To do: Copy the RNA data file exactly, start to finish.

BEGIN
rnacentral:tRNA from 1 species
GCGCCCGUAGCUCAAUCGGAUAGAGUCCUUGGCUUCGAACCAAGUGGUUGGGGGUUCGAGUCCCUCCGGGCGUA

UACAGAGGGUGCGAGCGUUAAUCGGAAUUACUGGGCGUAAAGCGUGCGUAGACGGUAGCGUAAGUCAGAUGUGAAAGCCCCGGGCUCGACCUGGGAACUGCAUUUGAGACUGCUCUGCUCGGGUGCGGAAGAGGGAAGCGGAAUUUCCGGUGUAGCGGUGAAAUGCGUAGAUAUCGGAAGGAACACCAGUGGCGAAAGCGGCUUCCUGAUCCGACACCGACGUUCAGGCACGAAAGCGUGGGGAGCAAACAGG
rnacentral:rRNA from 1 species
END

rnacentral:tRNA from 1 species
GCGCCCGUAGCUCAAUCGGAUAGAGUCCUUGGCUUCGAACCAAGUGGUUGGGGGUUCGAGUCCCUCCGGGCGUA

UACAGAGGGUGCGAGCGUUAAUCGGAAUUACUGGGCGUAAAGCGUGCGUAGACGGUAGCGUAAGUCAGAUGUGAAAGCCCCGGGCUCGACCUGGGAACUGCAUUUGAGACUGCUCUGCUCGGGUGCGGAAGAGGGAAGCGGAAUUUCCGGUGUAGCGGUGAAAUGCGUAGAUAUCGGAAGGAACACCAGUGGCGAAAGCGGCUUCCUGAUCCGACACCGACGUUCAGGCACGAAAGCGUGGGGAGCAAACAGG
rnacentral:rRNA from 1 species